Dental cement has been used for restorations for ages. It’s what gives restorations their adhesive power. Dental cement can enhance your restoration and make your smile a success. These compounds give your dentists the ability to provide long-term care when you need a tooth replacement. These types of cement come in multiple varieties, and here, we’re going to help you learn a little bit about dentistry by talking to you about the different types of dental types of cement, why they’re used, and why they’re such a great tool for dentists.
What is Dental Cement?
When a person thinks of cement, they often think of construction cement that forms the sidewalks and alleyways of our world. In a way, dental cement operates with that same purpose in mind – kind of. In its shortest definition, dental cement is a chemical compound made to bond two surfaces together. Still, its ingredients and chemical structure are what make it unique for dentists to use. Dental cement is specifically made to resist bite pressure produced by the teeth and jawbones. This cement is an adhesive material that’s highly resistant to decay and can easily blend with the restoration and natural tooth for making repairs.
What dentists love about these types of cement is the variety they have on a case-by-case basis. Because each person’s mouth is unique, dentists are required to be highly flexible in their ability to treat certain conditions. Thus, using the right cement matters significantly to help produce a successful treatment.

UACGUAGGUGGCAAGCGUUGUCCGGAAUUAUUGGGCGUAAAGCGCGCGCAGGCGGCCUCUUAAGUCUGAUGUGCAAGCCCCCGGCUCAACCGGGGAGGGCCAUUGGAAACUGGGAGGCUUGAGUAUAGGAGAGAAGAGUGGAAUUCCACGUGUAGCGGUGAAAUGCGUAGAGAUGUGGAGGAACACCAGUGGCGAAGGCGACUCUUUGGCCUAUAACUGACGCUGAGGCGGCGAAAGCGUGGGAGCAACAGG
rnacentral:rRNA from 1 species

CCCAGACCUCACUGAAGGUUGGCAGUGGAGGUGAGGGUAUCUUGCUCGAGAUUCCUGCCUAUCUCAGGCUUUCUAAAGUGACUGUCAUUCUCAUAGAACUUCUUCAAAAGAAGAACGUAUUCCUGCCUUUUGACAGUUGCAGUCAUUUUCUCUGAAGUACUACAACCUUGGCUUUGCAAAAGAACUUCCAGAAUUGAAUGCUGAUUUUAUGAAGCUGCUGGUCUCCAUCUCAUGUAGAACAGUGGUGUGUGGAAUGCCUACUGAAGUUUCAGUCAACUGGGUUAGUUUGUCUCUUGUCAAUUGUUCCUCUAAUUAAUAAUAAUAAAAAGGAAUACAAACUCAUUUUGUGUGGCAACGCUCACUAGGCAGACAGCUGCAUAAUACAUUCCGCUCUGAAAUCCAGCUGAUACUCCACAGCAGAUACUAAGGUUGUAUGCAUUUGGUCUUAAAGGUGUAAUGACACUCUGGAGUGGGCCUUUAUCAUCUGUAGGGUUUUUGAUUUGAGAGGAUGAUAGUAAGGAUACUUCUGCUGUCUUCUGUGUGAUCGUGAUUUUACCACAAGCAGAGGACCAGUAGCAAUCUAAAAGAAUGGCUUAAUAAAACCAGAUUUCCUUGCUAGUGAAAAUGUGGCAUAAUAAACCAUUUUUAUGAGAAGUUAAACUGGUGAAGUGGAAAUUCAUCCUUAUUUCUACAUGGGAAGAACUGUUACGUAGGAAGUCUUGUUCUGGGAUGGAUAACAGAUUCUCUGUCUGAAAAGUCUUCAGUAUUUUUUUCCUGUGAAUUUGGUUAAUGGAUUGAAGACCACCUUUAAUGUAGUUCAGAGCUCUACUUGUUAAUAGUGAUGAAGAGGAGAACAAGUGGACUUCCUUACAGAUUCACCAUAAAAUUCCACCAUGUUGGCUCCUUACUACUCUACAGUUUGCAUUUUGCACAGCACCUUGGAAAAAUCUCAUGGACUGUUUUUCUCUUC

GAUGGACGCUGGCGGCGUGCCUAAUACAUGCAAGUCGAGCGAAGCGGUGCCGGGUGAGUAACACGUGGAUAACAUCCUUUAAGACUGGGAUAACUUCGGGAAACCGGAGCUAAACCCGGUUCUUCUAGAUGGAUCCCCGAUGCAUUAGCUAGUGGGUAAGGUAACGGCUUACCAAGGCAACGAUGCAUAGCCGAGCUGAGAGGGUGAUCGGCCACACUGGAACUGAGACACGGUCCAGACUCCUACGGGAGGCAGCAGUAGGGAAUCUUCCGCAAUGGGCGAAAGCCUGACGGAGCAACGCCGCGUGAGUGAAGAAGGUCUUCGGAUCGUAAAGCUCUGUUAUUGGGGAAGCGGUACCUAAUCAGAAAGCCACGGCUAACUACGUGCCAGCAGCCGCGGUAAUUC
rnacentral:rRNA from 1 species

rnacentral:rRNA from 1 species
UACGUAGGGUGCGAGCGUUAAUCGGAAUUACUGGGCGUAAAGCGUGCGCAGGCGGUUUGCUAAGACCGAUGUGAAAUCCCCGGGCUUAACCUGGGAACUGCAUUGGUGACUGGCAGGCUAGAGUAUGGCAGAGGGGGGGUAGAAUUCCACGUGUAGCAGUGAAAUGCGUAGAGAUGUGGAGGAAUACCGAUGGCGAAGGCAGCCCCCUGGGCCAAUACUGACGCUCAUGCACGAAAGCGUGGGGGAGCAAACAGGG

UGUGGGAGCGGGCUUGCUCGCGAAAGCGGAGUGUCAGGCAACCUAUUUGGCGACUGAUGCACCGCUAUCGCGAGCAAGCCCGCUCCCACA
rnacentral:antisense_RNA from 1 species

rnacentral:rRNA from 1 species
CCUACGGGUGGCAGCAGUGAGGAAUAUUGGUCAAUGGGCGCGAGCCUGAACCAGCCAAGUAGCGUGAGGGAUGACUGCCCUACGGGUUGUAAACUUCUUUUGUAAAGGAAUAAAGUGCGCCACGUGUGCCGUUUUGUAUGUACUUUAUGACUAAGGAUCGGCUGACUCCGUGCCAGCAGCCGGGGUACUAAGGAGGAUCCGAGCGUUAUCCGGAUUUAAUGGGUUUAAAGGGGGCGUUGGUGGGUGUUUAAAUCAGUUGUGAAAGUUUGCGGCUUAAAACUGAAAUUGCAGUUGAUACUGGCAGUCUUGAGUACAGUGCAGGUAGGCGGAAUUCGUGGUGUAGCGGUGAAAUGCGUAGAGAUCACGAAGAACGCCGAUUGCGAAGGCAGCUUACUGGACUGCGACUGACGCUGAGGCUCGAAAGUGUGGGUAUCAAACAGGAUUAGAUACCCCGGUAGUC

The Types of Dental Cements
If you’ve been working with your dentist for some time, your dentists will already choose their preferred dental cement to work with. Some dentists will even have multiple options at their disposal for some instances. If you have a good dentist, they’ll only use the best dental industry offers for tooth care. From preparing crowns to fixing partial dentures, dental types of cement come in these variations:
- Zinc Phosphate: Known as the original cement, zinc phosphate is used for preparing crowns, inlays, onlays, orthodontic appliances, and partial dentures. This cement composition produces high compressive strength, an acceptable film thickness, and high tensile strength that makes it hard to beat.
- Glass Ionomer: Made with glass powders and polyacrylic acid, the glass ionomer cement is a highly bondable cement that’s great with metal alloys and stainless steel restorations. While glass ionomer cement can also be used with porcelain restorations, it’s most preferred among the majority of dentists for crowns, bridges, posts, and inlays. It provides tensile strength and compressive strength that’s comparable to zinc phosphate.
- Zinc Polycarboxylate: This variation is the first cement to chemically bond to the tooth’s structure, making it highly valuable for dentists who want truly permanent restorations. It provides little pulp irritation, has a high bonding rate, and can attach to both porcelain and stainless steel restorations.
- Resin-Modified Glass Ionomer: This glass ionomer cement is enhanced with composite resin, which can be used for build-up restorations and can be used to restore crowns, bridges, orthodontic appliances.
Dental cement has a highly valuable place in dentistry. If you’d like to learn about how dentists use dental cement, contact Dr. Gina Covington at Covington Dental in Hickory, NC, to schedule an appointment.